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Help Me Move On

Yocheved Lavon

Through contact with friends and promises of anonymity, several frum converts were willing to break their usual silence about their backgrounds

Wednesday, June 28, 2017

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ONE OF US? The ger wants to get on with his life, to build a Jewish home, to grow closer to Hashem through Torah and mitzvos. Other Jews, curious to hear an interesting story, may not realize how inappropriate, or even cruel, it can be to put a convert on the spot, asking him to tell them about his “path to Judaism” (for the umpteenth time). Many geirim feel that it’s like leaving them standing at the door, never letting them come in and feel they are truly “one of us”

E very year around Shavuos time, you can be sure to find some article about a ger tzedek. After all, that’s when we read Megillas Ruth, the story of the Moabite princess who left luxury and honor behind to join the Jewish nation, the woman who preferred to embrace the life of a penniless stranger rather than abandon her bereaved and impoverished mother-in-law, the ultimate symbol of self-sacrifice and chesed who chose the G-d of Israel and His Torah over her former life in the royal palace of Moav — and in that merit, became the matriarch of the royal dynasty of Dovid Hamelech and Mashiach, may he come speedily. What, then, could be more fitting for summer reading than an inspiring story of a ger tzedek’s journey to Judaism?

Yet, for every ger who shares his story with the public, it seems there are many more who choose to remain incognito. But why? Are they not proud of the courageous step they took? Or, perhaps, they’re disappointed in the way they’ve been received by the mainstream Jewish community and therefore prefer not to call attention to their brave, life-altering step? The Jewish nation is identified by the traits of compassion and chesed — and converts pretty much assume they’ll be the recipients, especially as the Torah repeatedly (36 times, according to Rabi Eliezer in Bava Metzia 59b) exhorts us to be careful not to oppress or wrong a convert, and specifically commands “to love the ger.”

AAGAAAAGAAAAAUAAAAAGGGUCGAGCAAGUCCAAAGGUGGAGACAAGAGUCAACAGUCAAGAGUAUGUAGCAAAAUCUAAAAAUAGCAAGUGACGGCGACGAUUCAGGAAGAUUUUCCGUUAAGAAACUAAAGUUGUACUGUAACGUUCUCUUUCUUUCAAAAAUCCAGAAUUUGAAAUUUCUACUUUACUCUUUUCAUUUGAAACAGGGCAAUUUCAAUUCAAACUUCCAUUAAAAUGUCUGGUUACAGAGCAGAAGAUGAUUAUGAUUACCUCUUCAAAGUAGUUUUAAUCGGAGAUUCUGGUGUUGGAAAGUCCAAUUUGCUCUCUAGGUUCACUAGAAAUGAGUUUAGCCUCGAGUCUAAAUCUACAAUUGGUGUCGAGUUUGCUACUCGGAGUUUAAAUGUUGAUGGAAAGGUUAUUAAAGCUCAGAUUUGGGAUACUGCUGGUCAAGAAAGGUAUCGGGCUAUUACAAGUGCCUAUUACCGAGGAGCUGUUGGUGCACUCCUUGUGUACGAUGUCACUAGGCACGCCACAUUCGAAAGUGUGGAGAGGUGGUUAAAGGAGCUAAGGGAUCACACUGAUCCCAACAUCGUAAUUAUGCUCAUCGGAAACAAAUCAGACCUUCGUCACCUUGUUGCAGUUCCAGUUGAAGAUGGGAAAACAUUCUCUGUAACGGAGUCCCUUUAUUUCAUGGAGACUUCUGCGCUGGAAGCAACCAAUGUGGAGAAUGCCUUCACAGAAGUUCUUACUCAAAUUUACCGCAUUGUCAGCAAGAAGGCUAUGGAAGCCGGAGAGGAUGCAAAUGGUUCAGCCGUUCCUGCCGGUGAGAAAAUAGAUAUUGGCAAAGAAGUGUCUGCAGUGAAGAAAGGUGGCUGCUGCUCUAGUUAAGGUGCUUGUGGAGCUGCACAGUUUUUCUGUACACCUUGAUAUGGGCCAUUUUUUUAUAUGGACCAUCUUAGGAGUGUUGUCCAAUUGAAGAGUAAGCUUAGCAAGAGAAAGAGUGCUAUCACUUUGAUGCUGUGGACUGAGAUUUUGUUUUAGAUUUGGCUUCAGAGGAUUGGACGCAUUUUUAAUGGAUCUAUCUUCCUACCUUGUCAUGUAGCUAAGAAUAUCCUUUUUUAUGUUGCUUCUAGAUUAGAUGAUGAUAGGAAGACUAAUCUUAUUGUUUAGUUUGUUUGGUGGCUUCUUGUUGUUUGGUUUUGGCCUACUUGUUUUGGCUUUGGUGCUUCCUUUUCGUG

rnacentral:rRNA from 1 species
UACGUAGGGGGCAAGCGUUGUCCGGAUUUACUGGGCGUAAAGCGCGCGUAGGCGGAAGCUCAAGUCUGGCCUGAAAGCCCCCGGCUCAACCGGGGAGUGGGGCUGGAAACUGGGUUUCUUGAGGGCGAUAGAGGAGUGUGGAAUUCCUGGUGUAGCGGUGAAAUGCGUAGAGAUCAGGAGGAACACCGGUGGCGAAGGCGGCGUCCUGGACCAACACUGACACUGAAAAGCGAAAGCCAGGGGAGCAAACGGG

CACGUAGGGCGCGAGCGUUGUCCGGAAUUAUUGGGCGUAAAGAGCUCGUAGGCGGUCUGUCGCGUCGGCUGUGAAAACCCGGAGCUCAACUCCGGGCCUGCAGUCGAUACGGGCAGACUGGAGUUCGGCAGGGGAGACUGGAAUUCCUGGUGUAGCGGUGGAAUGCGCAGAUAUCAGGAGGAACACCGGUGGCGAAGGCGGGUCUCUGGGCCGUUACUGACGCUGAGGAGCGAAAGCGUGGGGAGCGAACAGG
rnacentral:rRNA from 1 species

Through contact with friends and promises of anonymity, several frum converts were willing to break their usual silence about their backgrounds. For all the complaints that have been aired here, each of those interviewed reports that their overall experience of Jewish life and their interaction with the broader Jewish community has been positive. Their identity is strong, their lives have been immeasurably enriched, and “going back” is inconceivable. Yet they’ve all experienced times of crisis after encountering attitudes that make them feel not fully accepted, and share their own perspectives for how to raise awareness and sensitivity toward this oft-misunderstood or undervalued subgroup of the Jewish people.

“Keeping myself out of my own background has helped me to move forward, not to remain forever standing on the threshold. Over the years, I haven’t even thought that much about being a convert. I’ve been too busy being Jewish”

Sometimes converts are advised to keep the fact of their conversion to themselves so that they won’t become “professional geirim,” perpetually labeled and being asked to tell their story over everywhere they go, whether from a podium or the pages of a magazine, at a Shabbos table, or even on the street. For example, when MIRIAM converted at the age of 24, her rabbinic mentor advised her not to reveal her background when she met new people.

“It’s lashon hara about yourself,” the rabbi said. Miriam was taken aback — why lashon hara? Is there something wrong with being a convert? “Not at all,” he told her. “But it’s self-damaging speech. If you’re always dwelling on it, you’ll be stuck in that place of being a newcomer. It will hold you back from developing your Jewish personality.”

“That was good advice,” says Miriam, who is now Savta to a gaggle of beautiful Jewish grandchildren. “Without it, I probably would have naively gone ahead and told everyone. It spared me pain, because I’ve had my share of insensitive comments from people who do know about my background for one reason or another — like one time at a sheva brachos, when I asked the hostess about some family pictures on the wall, and she thought I was pointing to the picture of the Chofetz Chaim. ‘Oh,’ she answered me as if teaching a three-year-old, ‘that is the Cho-fetz Cha-yim.’ Thanks, but I knew that. It might have been inconceivable to her, but I’ve actually learned sefer Chofetz Chaim a few times in lashon kodesh. So you see, keeping myself out of my own background has helped me to move forward, not to remain forever standing on the threshold. Over the years, I haven’t even thought that much about being a convert. I’ve been too busy being Jewish.” (Excerpted from Mishpacha, Issue 666)

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